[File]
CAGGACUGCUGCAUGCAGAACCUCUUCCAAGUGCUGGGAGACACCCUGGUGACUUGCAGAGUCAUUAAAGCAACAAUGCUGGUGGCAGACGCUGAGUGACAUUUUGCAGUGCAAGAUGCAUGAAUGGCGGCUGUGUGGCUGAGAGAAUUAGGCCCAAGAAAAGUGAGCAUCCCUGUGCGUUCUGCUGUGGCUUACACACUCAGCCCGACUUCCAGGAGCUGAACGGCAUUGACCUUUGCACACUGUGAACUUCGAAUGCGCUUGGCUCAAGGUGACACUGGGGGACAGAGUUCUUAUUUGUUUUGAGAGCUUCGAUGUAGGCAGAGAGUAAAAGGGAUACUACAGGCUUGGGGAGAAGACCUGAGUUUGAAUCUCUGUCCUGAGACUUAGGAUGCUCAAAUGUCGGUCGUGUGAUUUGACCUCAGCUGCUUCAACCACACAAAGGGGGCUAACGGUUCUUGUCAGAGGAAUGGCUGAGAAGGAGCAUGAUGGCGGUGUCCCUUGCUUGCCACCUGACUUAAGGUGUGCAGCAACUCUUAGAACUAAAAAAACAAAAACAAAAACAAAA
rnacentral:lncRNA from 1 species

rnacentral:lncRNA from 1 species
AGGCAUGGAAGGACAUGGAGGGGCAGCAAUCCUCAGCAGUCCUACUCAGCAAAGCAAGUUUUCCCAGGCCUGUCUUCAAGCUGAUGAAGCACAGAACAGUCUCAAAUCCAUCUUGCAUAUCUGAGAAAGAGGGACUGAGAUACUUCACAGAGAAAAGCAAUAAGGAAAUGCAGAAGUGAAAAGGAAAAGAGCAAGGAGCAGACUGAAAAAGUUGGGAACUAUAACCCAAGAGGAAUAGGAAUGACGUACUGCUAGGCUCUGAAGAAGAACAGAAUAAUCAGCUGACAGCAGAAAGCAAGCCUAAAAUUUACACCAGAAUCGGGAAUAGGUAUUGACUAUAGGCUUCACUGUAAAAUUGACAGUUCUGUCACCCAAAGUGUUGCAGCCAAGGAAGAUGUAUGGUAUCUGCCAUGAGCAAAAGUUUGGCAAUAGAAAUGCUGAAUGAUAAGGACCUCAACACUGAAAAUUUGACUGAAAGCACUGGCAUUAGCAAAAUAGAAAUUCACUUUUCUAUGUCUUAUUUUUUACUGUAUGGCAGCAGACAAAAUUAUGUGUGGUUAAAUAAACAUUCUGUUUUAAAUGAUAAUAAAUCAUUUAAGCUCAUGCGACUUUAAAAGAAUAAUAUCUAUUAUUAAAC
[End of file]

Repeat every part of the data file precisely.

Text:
CAGGACUGCUGCAUGCAGAACCUCUUCCAAGUGCUGGGAGACACCCUGGUGACUUGCAGAGUCAUUAAAGCAACAAUGCUGGUGGCAGACGCUGAGUGACAUUUUGCAGUGCAAGAUGCAUGAAUGGCGGCUGUGUGGCUGAGAGAAUUAGGCCCAAGAAAAGUGAGCAUCCCUGUGCGUUCUGCUGUGGCUUACACACUCAGCCCGACUUCCAGGAGCUGAACGGCAUUGACCUUUGCACACUGUGAACUUCGAAUGCGCUUGGCUCAAGGUGACACUGGGGGACAGAGUUCUUAUUUGUUUUGAGAGCUUCGAUGUAGGCAGAGAGUAAAAGGGAUACUACAGGCUUGGGGAGAAGACCUGAGUUUGAAUCUCUGUCCUGAGACUUAGGAUGCUCAAAUGUCGGUCGUGUGAUUUGACCUCAGCUGCUUCAACCACACAAAGGGGGCUAACGGUUCUUGUCAGAGGAAUGGCUGAGAAGGAGCAUGAUGGCGGUGUCCCUUGCUUGCCACCUGACUUAAGGUGUGCAGCAACUCUUAGAACUAAAAAAACAAAAACAAAAACAAAA
rnacentral:lncRNA from 1 species

rnacentral:lncRNA from 1 species
AGGCAUGGAAGGACAUGGAGGGGCAGCAAUCCUCAGCAGUCCUACUCAGCAAAGCAAGUUUUCCCAGGCCUGUCUUCAAGCUGAUGAAGCACAGAACAGUCUCAAAUCCAUCUUGCAUAUCUGAGAAAGAGGGACUGAGAUACUUCACAGAGAAAAGCAAUAAGGAAAUGCAGAAGUGAAAAGGAAAAGAGCAAGGAGCAGACUGAAAAAGUUGGGAACUAUAACCCAAGAGGAAUAGGAAUGACGUACUGCUAGGCUCUGAAGAAGAACAGAAUAAUCAGCUGACAGCAGAAAGCAAGCCUAAAAUUUACACCAGAAUCGGGAAUAGGUAUUGACUAUAGGCUUCACUGUAAAAUUGACAGUUCUGUCACCCAAAGUGUUGCAGCCAAGGAAGAUGUAUGGUAUCUGCCAUGAGCAAAAGUUUGGCAAUAGAAAUGCUGAAUGAUAAGGACCUCAACACUGAAAAUUUGACUGAAAGCACUGGCAUUAGCAAAAUAGAAAUUCACUUUUCUAUGUCUUAUUUUUUACUGUAUGGCAGCAGACAAAAUUAUGUGUGGUUAAAUAAACAUUCUGUUUUAAAUGAUAAUAAAUCAUUUAAGCUCAUGCGACUUUAAAAGAAUAAUAUCUAUUAUUAAAC